And Tom Deignan, a columnist for IrishCentral.com, somehow compares Dolan to Whitey Bulger, the old Boston mobster who got picked up recently. His headline: “How the mighty have fallen.”

Yeesh. He writes that both are Irish-American institutions who were “taken down.”

Deignan writes: “Not too long ago, there would have been an undeniable sense of war in the air, with Catholic leaders vowing to drive out the Catholic vote at election time, if lawmakers chose to stand against church teaching.

“Can you imagine what would have happened if a gay marriage bill was being debated during John Cardinal O’Connor’s reign as New York’s Catholic leader?”

But Deignan concedes that times have changed, even since O’Connor’s time, and there may have been little Dolan could do: “The problem, of course, is that vast numbers of Irish Catholics across New York — and America — are not exactly passionate in their opposition to gay marriage. Sure, some are not enthusiastic supporters.  But what we do know is that they do not simply follow the church’s clear opposition to it.”

And that, it seems to this observer, is the real issue.

(AP Photo/Richard Drew)

More Catholic stirrings on politics

Following up on the question of “The Catholic Vote” (see post below), Pope Benedict XVI wants the Catholic Church to do a better job of educating lay Catholics involved in politics.

“In a special way, I reaffirm the necessity and urgency of the evangelical formation and pastoral accompaniment of a new generation of Catholics involved in politics, that they would be coherent with their professed faith,” he told the Pontifical Council for the Laity.

The key word there, I think, is coherent.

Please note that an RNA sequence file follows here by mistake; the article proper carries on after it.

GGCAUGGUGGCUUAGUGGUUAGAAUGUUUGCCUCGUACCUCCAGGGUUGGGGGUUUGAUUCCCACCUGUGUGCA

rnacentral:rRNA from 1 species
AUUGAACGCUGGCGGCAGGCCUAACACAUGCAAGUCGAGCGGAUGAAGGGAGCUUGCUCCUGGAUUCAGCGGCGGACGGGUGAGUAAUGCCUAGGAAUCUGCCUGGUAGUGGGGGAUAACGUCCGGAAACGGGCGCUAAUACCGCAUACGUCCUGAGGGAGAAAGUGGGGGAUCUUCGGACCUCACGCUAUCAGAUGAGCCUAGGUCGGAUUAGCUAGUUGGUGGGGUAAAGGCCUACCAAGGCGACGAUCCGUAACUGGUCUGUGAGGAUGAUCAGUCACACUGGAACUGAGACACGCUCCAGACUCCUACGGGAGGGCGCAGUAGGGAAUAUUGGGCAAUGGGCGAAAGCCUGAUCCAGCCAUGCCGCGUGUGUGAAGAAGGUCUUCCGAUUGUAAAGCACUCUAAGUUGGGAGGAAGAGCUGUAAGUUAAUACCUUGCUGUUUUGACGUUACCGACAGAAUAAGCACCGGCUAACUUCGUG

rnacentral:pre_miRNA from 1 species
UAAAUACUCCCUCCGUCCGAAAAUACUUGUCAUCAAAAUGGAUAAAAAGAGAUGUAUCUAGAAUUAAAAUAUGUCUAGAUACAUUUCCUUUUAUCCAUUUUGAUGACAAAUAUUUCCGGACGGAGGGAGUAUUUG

Meanwhile, Cardinal James Francis Stafford, an American and a high-ranking Vatican official, is pretty perturbed over the election of pro-choice Barack Obama and, presumably, all the Catholics who voted for him.

In a speech at Catholic U in Washington, Stafford described Obama as as “aggressive, disruptive and apocalyptic.”

Referring to the garden where Jesus is said to have prayed the night before his crucifixion, Stafford said: “For the next few years, Gethsemane will not be marginal. We will know that garden.”

Strong words.

Speaking of Roe v. Wade, he said: “Its scrupulous meanness has had catastrophic effects upon the unity and integrity of the American republic.”

A former archbishop of Denver, Stafford is now major penitentiary at the Vatican — overseeing questions on the forgiveness of sin.

And…a South Carolina pastor who said that parishioners who voted for Obama should not take Communion has been overruled by the administrator of the Diocese of Charleston, S.C.

Msgr. Martin T. Laughlin, administrator, said that Christ gives everyone “the freedom to explore our own conscience and to make our own decisions while adhering to the law of God and the teachings of the faith.”